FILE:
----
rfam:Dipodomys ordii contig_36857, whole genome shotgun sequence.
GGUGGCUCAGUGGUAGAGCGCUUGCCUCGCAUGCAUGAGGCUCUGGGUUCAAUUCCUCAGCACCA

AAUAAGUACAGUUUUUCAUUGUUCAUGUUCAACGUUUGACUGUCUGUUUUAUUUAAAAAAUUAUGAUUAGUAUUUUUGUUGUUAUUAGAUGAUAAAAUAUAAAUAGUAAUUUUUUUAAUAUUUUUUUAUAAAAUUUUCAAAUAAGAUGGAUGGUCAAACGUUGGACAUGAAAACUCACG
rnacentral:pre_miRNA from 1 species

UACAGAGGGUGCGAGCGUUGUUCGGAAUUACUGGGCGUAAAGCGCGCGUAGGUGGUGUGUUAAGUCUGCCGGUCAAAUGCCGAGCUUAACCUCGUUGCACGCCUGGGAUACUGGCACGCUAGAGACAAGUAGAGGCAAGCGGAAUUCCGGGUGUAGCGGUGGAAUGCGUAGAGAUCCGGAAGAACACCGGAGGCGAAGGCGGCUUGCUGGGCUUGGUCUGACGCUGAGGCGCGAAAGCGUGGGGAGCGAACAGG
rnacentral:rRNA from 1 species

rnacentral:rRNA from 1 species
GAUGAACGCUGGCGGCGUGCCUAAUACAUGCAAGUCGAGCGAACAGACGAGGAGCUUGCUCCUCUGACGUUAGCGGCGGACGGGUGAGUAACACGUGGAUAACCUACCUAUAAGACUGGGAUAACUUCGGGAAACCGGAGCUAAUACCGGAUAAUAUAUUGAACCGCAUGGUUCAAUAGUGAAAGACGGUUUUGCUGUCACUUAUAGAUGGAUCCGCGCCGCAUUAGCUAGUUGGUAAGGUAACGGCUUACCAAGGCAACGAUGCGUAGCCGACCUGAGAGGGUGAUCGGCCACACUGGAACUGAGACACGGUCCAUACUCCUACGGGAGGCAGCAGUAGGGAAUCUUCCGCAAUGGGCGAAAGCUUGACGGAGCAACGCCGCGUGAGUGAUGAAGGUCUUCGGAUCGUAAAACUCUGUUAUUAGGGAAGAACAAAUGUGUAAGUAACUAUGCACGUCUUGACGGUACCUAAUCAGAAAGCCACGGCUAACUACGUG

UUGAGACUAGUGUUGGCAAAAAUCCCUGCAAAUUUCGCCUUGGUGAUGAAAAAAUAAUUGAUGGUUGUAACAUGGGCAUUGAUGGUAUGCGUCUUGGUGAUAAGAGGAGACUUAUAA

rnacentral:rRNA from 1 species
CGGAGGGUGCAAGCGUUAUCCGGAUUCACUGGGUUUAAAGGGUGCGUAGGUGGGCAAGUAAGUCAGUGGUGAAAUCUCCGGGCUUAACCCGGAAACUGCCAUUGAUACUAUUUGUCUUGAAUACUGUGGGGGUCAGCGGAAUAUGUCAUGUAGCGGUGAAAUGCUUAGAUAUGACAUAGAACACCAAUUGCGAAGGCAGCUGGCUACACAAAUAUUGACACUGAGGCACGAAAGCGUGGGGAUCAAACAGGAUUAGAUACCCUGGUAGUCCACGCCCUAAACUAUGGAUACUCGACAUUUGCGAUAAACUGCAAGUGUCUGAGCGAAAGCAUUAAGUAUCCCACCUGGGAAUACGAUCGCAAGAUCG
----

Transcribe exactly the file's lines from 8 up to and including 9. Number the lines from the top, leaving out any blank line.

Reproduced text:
GAUGAACGCUGGCGGCGUGCCUAAUACAUGCAAGUCGAGCGAACAGACGAGGAGCUUGCUCCUCUGACGUUAGCGGCGGACGGGUGAGUAACACGUGGAUAACCUACCUAUAAGACUGGGAUAACUUCGGGAAACCGGAGCUAAUACCGGAUAAUAUAUUGAACCGCAUGGUUCAAUAGUGAAAGACGGUUUUGCUGUCACUUAUAGAUGGAUCCGCGCCGCAUUAGCUAGUUGGUAAGGUAACGGCUUACCAAGGCAACGAUGCGUAGCCGACCUGAGAGGGUGAUCGGCCACACUGGAACUGAGACACGGUCCAUACUCCUACGGGAGGCAGCAGUAGGGAAUCUUCCGCAAUGGGCGAAAGCUUGACGGAGCAACGCCGCGUGAGUGAUGAAGGUCUUCGGAUCGUAAAACUCUGUUAUUAGGGAAGAACAAAUGUGUAAGUAACUAUGCACGUCUUGACGGUACCUAAUCAGAAAGCCACGGCUAACUACGUG

UUGAGACUAGUGUUGGCAAAAAUCCCUGCAAAUUUCGCCUUGGUGAUGAAAAAAUAAUUGAUGGUUGUAACAUGGGCAUUGAUGGUAUGCGUCUUGGUGAUAAGAGGAGACUUAUAA